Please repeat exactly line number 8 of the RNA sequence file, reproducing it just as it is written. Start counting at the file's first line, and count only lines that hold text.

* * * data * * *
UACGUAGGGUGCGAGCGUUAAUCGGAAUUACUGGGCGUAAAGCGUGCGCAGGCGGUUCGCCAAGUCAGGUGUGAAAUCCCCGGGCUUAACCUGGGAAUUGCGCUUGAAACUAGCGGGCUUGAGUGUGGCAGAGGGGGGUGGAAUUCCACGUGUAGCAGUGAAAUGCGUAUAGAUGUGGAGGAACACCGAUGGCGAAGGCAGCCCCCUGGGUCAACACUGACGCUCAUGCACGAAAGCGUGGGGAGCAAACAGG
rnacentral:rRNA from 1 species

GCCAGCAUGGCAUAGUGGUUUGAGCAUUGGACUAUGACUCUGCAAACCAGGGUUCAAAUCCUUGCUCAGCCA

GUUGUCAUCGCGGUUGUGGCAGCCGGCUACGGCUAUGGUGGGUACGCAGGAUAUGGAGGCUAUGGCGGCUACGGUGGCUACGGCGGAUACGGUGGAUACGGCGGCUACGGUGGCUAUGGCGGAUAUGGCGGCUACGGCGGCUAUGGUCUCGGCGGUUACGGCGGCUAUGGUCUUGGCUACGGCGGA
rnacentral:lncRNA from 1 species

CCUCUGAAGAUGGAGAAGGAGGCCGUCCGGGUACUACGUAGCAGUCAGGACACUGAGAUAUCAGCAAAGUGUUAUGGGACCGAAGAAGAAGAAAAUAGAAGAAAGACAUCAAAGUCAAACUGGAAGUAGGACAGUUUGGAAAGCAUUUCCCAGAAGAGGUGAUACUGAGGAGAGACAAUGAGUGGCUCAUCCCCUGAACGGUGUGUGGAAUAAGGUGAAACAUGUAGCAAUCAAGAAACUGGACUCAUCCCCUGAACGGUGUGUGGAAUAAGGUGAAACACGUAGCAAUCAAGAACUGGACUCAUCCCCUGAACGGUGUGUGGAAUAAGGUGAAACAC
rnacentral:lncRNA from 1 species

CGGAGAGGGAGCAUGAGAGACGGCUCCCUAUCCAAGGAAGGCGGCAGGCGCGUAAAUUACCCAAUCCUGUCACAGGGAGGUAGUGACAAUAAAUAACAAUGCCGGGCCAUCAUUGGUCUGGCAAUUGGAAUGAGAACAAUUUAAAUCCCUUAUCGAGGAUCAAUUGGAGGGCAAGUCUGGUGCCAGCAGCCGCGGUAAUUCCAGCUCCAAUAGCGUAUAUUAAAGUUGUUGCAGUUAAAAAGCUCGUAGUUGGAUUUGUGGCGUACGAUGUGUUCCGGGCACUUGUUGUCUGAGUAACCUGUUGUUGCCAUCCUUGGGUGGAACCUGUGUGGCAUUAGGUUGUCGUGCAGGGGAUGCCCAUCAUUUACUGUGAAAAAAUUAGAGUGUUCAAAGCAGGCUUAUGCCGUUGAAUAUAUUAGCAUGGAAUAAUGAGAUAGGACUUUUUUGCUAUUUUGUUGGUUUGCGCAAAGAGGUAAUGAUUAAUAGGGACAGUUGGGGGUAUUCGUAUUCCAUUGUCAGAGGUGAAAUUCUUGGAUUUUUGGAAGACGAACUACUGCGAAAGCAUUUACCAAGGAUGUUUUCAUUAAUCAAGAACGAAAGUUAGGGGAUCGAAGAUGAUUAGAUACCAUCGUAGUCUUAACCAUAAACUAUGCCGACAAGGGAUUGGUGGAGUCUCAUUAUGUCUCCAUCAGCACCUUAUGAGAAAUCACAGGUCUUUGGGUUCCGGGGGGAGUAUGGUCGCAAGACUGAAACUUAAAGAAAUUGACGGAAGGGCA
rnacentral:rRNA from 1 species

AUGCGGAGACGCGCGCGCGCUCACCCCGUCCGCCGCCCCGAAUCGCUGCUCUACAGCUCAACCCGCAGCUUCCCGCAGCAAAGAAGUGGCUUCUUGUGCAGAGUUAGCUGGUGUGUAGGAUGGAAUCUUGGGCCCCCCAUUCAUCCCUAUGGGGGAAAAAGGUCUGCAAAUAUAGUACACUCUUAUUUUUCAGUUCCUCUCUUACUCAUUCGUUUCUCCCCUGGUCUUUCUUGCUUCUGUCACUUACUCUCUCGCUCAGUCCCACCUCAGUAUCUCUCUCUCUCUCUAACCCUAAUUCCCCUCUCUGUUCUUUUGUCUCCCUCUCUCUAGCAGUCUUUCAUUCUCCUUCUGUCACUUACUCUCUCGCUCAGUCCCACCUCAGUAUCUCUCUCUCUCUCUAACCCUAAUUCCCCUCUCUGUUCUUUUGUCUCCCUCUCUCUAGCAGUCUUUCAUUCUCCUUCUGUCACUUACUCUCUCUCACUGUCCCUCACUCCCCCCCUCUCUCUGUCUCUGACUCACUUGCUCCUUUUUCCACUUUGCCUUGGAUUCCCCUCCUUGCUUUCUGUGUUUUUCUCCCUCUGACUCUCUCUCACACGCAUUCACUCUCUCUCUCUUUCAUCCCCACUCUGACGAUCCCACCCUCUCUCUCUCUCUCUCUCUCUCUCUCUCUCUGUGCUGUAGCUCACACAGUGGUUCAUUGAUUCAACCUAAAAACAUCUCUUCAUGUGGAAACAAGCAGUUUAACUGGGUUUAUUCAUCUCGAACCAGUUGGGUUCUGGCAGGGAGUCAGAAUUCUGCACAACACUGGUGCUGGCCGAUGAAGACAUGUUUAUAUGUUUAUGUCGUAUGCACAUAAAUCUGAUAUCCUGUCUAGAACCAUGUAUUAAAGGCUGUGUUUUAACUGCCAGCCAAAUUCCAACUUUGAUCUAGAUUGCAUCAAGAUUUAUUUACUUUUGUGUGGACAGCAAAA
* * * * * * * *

CGGAGAGGGAGCAUGAGAGACGGCUCCCUAUCCAAGGAAGGCGGCAGGCGCGUAAAUUACCCAAUCCUGUCACAGGGAGGUAGUGACAAUAAAUAACAAUGCCGGGCCAUCAUUGGUCUGGCAAUUGGAAUGAGAACAAUUUAAAUCCCUUAUCGAGGAUCAAUUGGAGGGCAAGUCUGGUGCCAGCAGCCGCGGUAAUUCCAGCUCCAAUAGCGUAUAUUAAAGUUGUUGCAGUUAAAAAGCUCGUAGUUGGAUUUGUGGCGUACGAUGUGUUCCGGGCACUUGUUGUCUGAGUAACCUGUUGUUGCCAUCCUUGGGUGGAACCUGUGUGGCAUUAGGUUGUCGUGCAGGGGAUGCCCAUCAUUUACUGUGAAAAAAUUAGAGUGUUCAAAGCAGGCUUAUGCCGUUGAAUAUAUUAGCAUGGAAUAAUGAGAUAGGACUUUUUUGCUAUUUUGUUGGUUUGCGCAAAGAGGUAAUGAUUAAUAGGGACAGUUGGGGGUAUUCGUAUUCCAUUGUCAGAGGUGAAAUUCUUGGAUUUUUGGAAGACGAACUACUGCGAAAGCAUUUACCAAGGAUGUUUUCAUUAAUCAAGAACGAAAGUUAGGGGAUCGAAGAUGAUUAGAUACCAUCGUAGUCUUAACCAUAAACUAUGCCGACAAGGGAUUGGUGGAGUCUCAUUAUGUCUCCAUCAGCACCUUAUGAGAAAUCACAGGUCUUUGGGUUCCGGGGGGAGUAUGGUCGCAAGACUGAAACUUAAAGAAAUUGACGGAAGGGCA